BHA and BHT: These two preservatives are suspected of being cancer-causing. Butylated hydroxyanisole (BHA) and butylated hydroxytoluene (BHT) are antioxidants commonly used to stabilize foods but they can also be found in cosmetics and pharmaceuticals. Although small doses of these preservatives are considered safe, there are many foods you can find that do not contain any traces of them.

Tartrazine: This yellow food coloring agent known as E102 causes most food allergies and intolerances of all the azo dyes used in the food, cosmetics and pharma industries.

Genetically Modified Food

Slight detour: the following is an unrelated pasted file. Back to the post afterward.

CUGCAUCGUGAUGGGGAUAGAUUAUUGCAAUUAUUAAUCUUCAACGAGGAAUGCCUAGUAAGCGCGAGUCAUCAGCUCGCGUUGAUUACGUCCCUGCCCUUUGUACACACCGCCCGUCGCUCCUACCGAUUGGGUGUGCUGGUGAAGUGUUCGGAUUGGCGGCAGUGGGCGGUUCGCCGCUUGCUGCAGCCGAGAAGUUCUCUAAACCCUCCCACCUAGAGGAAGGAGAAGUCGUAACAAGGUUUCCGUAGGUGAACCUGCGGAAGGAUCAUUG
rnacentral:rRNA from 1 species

Genetically modified plants have become too common in recent years, enabling the farmers to achieve high yields of higher-quality crops with less expense and effort required. They happen to be an ample source of controversy and dread, though. Genetic engineering can be used to mass-produce exact replicas of natural substances and create new, genetically improved strains of existing plants and animals. Many experts view this new technology as an effective way of not only improving food quantity but also its quality and safety. Opponents, on the other hand, object that besides having a negative environmental impact, genetically modified organisms contain new toxins, they can provoke unpredictable immune reactions and they stay living inside us long after we stop eating genetically modified food. However, to this date there have been only isolated reports of adverse health effects on humans despite growing use of genetically altered ingredients in a wide array of products.